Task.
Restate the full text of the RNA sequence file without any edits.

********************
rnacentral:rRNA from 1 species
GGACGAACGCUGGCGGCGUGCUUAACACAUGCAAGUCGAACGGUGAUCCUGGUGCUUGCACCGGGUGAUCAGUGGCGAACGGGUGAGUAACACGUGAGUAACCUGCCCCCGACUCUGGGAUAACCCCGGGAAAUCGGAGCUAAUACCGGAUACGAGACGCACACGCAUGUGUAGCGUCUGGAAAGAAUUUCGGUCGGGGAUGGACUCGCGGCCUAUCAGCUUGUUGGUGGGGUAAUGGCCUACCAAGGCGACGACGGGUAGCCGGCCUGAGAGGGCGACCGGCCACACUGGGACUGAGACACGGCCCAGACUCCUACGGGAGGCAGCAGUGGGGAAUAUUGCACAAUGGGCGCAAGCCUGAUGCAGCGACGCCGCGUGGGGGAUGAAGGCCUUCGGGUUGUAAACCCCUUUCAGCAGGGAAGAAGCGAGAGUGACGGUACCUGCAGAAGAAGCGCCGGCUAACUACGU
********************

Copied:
rnacentral:rRNA from 1 species
GGACGAACGCUGGCGGCGUGCUUAACACAUGCAAGUCGAACGGUGAUCCUGGUGCUUGCACCGGGUGAUCAGUGGCGAACGGGUGAGUAACACGUGAGUAACCUGCCCCCGACUCUGGGAUAACCCCGGGAAAUCGGAGCUAAUACCGGAUACGAGACGCACACGCAUGUGUAGCGUCUGGAAAGAAUUUCGGUCGGGGAUGGACUCGCGGCCUAUCAGCUUGUUGGUGGGGUAAUGGCCUACCAAGGCGACGACGGGUAGCCGGCCUGAGAGGGCGACCGGCCACACUGGGACUGAGACACGGCCCAGACUCCUACGGGAGGCAGCAGUGGGGAAUAUUGCACAAUGGGCGCAAGCCUGAUGCAGCGACGCCGCGUGGGGGAUGAAGGCCUUCGGGUUGUAAACCCCUUUCAGCAGGGAAGAAGCGAGAGUGACGGUACCUGCAGAAGAAGCGCCGGCUAACUACGU